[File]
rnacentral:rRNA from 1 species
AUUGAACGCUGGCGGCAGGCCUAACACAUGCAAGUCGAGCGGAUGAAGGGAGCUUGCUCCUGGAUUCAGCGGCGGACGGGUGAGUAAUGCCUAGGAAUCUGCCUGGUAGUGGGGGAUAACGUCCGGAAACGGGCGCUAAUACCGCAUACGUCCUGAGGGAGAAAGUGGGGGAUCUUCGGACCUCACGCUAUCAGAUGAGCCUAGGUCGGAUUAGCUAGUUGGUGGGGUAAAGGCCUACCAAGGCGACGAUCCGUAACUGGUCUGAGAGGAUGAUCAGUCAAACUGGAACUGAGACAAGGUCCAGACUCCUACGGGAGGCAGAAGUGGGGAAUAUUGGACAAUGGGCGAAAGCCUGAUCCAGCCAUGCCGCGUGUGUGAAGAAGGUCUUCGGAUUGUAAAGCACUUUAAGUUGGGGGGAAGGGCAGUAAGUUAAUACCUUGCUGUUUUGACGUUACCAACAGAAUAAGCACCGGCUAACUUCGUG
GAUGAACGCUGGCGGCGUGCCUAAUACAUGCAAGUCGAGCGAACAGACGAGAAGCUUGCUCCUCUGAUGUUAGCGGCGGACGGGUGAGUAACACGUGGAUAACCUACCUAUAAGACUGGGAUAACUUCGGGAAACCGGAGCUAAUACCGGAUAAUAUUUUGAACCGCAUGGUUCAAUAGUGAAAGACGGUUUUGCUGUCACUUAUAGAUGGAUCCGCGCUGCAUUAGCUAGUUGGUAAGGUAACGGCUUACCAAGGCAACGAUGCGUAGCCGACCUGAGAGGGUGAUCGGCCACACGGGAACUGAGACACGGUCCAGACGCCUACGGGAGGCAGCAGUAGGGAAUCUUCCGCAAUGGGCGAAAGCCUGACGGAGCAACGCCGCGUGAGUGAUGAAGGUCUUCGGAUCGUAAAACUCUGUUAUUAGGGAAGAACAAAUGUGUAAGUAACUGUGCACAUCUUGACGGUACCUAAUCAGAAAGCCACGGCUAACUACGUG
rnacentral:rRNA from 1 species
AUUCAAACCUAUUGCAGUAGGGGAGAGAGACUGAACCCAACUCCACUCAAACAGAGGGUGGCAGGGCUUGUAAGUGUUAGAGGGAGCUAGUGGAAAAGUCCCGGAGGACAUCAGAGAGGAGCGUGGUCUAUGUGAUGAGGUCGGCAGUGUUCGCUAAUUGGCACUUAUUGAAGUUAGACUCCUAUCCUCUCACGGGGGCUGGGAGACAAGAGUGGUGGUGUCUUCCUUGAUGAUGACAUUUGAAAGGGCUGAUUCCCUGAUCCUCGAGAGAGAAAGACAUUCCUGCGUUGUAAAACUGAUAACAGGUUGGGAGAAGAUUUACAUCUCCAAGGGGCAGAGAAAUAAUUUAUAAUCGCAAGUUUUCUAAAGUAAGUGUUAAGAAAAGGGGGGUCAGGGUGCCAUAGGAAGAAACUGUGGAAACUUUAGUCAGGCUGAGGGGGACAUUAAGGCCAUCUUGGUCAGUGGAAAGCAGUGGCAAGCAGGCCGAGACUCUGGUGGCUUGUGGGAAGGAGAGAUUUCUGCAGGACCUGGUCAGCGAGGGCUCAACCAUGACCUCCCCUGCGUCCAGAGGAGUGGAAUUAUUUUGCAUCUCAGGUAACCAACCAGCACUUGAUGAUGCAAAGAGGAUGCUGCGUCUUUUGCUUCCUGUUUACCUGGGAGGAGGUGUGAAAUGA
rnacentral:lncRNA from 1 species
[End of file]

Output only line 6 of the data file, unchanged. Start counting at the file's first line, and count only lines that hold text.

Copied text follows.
rnacentral:lncRNA from 1 species